The Washington Post has a new blog all about the “conservative movement” and Republican Party, promising to explain what the right is “doing, thinking, and planning”. Could be fascinating reading for political junkies of all persuasions.

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Gawker | ONLINE|

How blogs are becoming more like newspapers

Now that blogs and online news sites have become Serious Business, lax fact-checking, vague headlines and poor sub-editing just won’t cut it. To defeat newspapers, they have had to become them, says Ravi Somaiya.

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Globe and Mail | ONLINE|

Why are so many bloggers blokes?

This piece is currently causing quite a stir in the blogosphere: Why is the world of online journalism such a sausage-fest? According to Canadian columnist Margaret Wente, it’s because men love the “adrenaline rush” of online punditry. And chicks don’t, apparently.

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Become a blogger. Everyone’s doing it

Put an online journalist out of a job, start your own blog tonight. The software is free and bloomin’ easy to use. New blogger Elly Keating explains how.

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upstart | ONLINE|

The ethics of blogging

Citizen journalism gets it fair share of criticism for its lack of ethics, so Upstart offers a guide to ethical blogging, from linking to sources to realising that anyone may see your work.

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Crikey Blogs | ONLINE|

First Dog: An invitation to guest blog on the Greatest (Laziest?) Blog of All Time

So why should I do any work when other people can do it for me? asks First Dog On The Moon. How would you like to appear on this hugely and widely read blog, the most respected blog in the history of the internet?

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Coyote Crossing | ONLINE|

How to write a provocative blog post

There’s a clear formula for an incendiary blog. First an inflammatory sentence, then a tenuous connection to something serious and blatant insults thrown at sceptics. And then the comments! Any angry internet person can do it.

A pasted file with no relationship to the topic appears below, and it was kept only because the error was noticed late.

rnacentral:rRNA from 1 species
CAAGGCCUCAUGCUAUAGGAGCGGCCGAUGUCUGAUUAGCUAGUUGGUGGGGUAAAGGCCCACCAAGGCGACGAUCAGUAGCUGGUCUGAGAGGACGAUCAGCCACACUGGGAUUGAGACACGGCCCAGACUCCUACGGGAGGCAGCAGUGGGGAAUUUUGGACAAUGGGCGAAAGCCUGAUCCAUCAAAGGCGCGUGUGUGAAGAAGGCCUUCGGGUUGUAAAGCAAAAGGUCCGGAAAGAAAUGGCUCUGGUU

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intac | ONLINE|

Who are these people we call bloggers?

Bloggers are male, university educated and mainly talk about themselves, says intac in a breakdown of the blogosphere. Are 35% of bloggers really professional journalists?

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The Sydney Morning Herald | FEDERAL|

Tanner: The government is going l33t

Like watching your dad explain hip hop: Finance Minister Lindsay Tanner says “the government wants to blog” and use Web 2.0 tech to better engage with voters. What a n00b.

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Washington Post | UNITED STATES|

How America’s right-wing grapevine works

The Washington Post looks at how an email by a conservative blogger at 5am can run through the blogosphere, the beltway and the parties, and end up being broadcast to Tea Partiers across the nation by Rush Limbaugh in the very same day.

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Crikey Blogs | SA|

Bartlett: SA’s futile and foolish new laws

South Australia’s new laws requiring people to use their real name and address when making comments about elections online are draconian and dumb — not to mention totally unworkable, says Andrew Bartlett.

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Pingdom | ONLINE|

The internet in ’09: the stats

Fascinating figures from the information superhighway last year: 90 trillion email (81% of which were spam), 126 million blogs, and 4.25 million people following Ashton Kutcher on Twitter.

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Womens Agenda

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Smart Company

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StartupSmart

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Property Observer